Fibratus (fib) (fibrous): Detached clouds or a thin cloud veil, consisting of nearly straight or more or less irregularly curved filaments which do not terminate in hooks or tufts.
Floccus (flo) (tuft of wool): A species in which each cloud unit is a small tuft with a cumuliform appearance, the lower part of which is more or less ragged and often accompanied by virga.
Fractus (fra) (to fracture) : Clouds in the form of irregular shreds, which have a clearly ragged appearance.
Humilis (hum) (small size-low): Cumulus clouds of only a slight vertical extent. They generally appear flattened.
Lenticularis (len) (lentil): Clouds having the shape of lenses or almonds, often very elongated and usually with well-defined outlines; they occasionally show irisation. Such clouds appear most often in cloud formations of orographic origin, but may also occur in regions without marked orography.
Mediocris (med) (medium size): Cumulus clouds of moderate vertical extent, the tops of which show fairly small protuberances.
Nebulosus (neb) (full of mist): A cloud like a nebulous veil or layer, showing no distinct details.
Spissatus (spi) (to make thick): Cirrus of sufficient optical thickness to appear grey when viewed towards the sun.
Stratiformis (str) (to spread out): Clouds spread out in an extensive horizontal sheet or layer.
Uncinus (unc) (hooked): Cirrus often shaped like a comma, terminating at the
top in a hook, or in a tuft the upper part of which is not in the form of a
Subdivision of cloud genera and their species, determined by taking into account one or other of the two following characteristics:
The varieties of a given genus or species are 9 in number and are not self-exclusive except for opacus and translucidus. In the list below the first six describes the arrangement, the last three the degree of transparency.
Duplicatus (du) (doubled): Superposed cloud patches, sheets or layers, at slightly different levels, sometimes partly merged.
Intortus (in) (to twist): Cirrus, the filaments of which are very irregularly curved and often seemingly entangled in a capricious manner.
Lacunosus (la) (having holes): Cloud patches, sheets or layers, usually rather thin, marked by more or less regularly distributed round holes, many of them with fringed edges. Cloud elements and clear spaces are often arranged in a manner suggesting a net or a honeycomb.
Undulatus (un) (wave): Clouds in patches, sheets or layers, showing undulations. These undulations may be observed in fairly uniform cloud layers or in clouds composed of elements, separate or merged. Sometimes a double system of undulations is in evidence.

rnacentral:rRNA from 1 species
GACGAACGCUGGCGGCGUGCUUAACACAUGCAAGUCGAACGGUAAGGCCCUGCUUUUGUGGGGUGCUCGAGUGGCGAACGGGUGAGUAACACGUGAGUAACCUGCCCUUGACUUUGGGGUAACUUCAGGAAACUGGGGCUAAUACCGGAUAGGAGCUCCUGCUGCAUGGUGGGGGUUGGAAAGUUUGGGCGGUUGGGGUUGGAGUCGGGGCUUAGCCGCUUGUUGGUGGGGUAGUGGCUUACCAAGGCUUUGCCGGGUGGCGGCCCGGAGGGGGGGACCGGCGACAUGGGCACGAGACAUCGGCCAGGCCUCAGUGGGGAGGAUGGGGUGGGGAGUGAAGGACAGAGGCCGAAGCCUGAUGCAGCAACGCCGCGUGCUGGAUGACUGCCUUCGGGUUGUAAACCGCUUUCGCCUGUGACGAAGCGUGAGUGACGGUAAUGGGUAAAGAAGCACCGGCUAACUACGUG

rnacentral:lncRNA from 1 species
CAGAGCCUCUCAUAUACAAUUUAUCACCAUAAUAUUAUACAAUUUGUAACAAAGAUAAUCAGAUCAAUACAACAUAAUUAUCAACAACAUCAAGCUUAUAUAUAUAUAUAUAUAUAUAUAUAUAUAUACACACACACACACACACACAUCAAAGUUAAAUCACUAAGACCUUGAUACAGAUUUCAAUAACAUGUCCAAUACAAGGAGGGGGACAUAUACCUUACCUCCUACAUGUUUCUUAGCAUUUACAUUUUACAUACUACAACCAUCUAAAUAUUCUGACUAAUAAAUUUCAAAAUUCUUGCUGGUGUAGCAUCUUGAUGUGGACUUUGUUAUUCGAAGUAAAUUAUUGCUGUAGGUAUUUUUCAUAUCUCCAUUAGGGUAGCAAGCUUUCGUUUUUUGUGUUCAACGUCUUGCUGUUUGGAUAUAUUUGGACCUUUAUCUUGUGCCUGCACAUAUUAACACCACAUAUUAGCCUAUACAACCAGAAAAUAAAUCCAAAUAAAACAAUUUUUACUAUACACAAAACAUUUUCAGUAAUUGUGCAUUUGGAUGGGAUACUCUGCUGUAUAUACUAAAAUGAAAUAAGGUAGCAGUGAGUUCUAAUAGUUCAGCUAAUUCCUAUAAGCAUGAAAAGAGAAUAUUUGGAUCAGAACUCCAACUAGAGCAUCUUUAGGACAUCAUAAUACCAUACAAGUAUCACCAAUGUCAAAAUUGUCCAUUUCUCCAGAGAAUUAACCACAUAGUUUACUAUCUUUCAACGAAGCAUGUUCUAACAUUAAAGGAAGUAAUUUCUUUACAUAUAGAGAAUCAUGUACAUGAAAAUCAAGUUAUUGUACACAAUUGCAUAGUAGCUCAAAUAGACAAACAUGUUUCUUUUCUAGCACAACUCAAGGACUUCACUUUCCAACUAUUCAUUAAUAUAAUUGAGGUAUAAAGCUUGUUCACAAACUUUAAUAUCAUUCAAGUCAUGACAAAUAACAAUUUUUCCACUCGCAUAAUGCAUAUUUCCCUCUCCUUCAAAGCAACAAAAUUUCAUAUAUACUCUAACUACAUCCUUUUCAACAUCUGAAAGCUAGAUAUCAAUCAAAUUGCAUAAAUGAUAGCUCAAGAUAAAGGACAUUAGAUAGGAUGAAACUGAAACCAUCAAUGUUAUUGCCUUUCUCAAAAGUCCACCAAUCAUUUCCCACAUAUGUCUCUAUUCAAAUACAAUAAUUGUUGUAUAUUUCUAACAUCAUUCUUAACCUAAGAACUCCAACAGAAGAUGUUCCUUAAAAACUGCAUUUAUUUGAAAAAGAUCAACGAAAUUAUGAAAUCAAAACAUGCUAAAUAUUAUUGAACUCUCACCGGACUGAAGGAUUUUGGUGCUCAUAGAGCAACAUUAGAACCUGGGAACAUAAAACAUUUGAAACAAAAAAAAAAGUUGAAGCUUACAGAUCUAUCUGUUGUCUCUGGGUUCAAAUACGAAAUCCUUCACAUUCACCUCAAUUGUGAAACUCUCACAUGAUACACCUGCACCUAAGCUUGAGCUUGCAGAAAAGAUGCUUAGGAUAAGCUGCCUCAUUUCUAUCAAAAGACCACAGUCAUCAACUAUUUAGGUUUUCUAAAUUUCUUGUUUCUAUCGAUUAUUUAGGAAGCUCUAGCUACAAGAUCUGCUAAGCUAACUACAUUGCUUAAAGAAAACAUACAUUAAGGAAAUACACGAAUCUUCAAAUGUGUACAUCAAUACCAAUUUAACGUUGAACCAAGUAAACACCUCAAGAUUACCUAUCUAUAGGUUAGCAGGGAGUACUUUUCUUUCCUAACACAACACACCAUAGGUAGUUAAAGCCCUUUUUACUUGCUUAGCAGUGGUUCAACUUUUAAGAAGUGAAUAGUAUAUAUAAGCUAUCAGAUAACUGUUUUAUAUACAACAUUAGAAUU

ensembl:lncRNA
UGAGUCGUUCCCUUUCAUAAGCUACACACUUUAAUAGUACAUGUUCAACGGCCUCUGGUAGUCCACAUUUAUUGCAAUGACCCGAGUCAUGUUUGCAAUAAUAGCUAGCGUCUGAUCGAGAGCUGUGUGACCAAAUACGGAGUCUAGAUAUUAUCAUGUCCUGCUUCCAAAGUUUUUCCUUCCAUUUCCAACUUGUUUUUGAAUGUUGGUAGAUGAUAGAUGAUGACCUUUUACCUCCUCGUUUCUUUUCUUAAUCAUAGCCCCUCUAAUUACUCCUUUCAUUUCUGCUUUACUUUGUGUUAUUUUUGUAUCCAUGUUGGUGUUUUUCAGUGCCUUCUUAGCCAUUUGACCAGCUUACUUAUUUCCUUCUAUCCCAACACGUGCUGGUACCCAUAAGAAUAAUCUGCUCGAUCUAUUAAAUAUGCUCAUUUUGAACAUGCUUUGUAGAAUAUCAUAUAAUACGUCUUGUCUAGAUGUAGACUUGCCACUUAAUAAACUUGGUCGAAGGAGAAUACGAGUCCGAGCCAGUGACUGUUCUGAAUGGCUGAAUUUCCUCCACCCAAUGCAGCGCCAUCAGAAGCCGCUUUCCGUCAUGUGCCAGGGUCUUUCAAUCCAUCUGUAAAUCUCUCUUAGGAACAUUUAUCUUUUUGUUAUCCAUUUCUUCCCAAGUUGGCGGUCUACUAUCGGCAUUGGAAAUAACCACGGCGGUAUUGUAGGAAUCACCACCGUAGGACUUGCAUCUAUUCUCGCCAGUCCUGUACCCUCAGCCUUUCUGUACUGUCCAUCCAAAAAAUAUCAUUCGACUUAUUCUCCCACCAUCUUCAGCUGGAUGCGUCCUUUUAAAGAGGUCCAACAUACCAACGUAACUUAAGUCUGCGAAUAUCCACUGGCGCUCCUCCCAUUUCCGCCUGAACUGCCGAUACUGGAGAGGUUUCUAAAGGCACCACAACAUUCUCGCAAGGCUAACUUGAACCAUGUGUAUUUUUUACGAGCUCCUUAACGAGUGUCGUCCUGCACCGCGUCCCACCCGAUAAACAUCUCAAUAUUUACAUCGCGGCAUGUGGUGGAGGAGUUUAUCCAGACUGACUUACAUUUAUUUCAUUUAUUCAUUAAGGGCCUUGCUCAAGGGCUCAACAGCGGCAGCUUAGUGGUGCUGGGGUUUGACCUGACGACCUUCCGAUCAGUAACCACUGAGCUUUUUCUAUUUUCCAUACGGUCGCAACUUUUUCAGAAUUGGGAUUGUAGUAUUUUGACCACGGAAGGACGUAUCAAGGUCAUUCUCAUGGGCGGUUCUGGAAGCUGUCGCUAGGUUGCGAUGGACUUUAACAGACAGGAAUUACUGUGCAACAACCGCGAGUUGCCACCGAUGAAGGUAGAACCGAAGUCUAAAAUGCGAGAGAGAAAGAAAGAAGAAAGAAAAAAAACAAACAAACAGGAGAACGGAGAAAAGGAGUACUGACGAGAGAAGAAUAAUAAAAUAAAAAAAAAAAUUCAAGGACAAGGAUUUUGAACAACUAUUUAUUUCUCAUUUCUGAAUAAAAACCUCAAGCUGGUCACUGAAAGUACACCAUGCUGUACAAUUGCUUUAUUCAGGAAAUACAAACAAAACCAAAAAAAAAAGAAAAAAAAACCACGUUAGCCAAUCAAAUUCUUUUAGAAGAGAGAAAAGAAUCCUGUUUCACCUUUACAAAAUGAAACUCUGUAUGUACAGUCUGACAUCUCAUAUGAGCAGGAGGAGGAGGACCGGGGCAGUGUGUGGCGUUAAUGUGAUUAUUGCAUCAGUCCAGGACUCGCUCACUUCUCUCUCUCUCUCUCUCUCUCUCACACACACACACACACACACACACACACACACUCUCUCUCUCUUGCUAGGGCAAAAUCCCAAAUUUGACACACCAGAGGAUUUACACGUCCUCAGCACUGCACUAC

Vertebratus (ve) (having vertebrae): Clouds, the elements of which are arranged in a
manner suggestive of vertebrae, ribs, or a fish skeleton.
Opacus (op) (thick-shady): An extensive cloud patch, sheet or layer, the greater part of which is sufficiently opaque to mask completely the sun or moon.
Perlucidus (pe) (allowing light to pass trough it): An extensive cloud patch, sheet or layer, with distinct but sometimes very small spaces between the elements. The spaces allow the sun, the moon, the blue of the sky or over-lying clouds to be seen. Can be observed together with opacus and translucidus.
Translucidus (tr) (transparent): Clouds in an extensive patch, sheet or layer, the greater part of which is sufficiently translucent to reveal the position of the sun or moon.
Supplementary features and accessory clouds
Clouds attached to the main part of a cloud, generally smaller than the latter. A given cloud may present simultaneously one or more supplementary features and are 9 in number. The first six listed below are supplementary features, the last three accessory clouds
Arcus (arc) (bow) often called roll or shelf cloud: A dense,
horizontal roll with more or less tattered edges, situated on the lower front
part of certain clouds and having, when extensive, the appearance of a dark,
Virga (vir) (stick-branch) also called fallstreaks, precipitation
or inclined trails of precipitation attached to the under surface of a cloud,
which do not reach the earth's surface.
Velum (vel) (sail of a ship): An accessory cloud veil of great horizontal extent, close above or attached to the upper part of one or several cumuliform clouds which often pierce it.
( ) = meaning of Latin names of species, varieties & supplementary features and accessory clouds
Source: WMO publication No. 266. TP.150 & WMO publication No. 407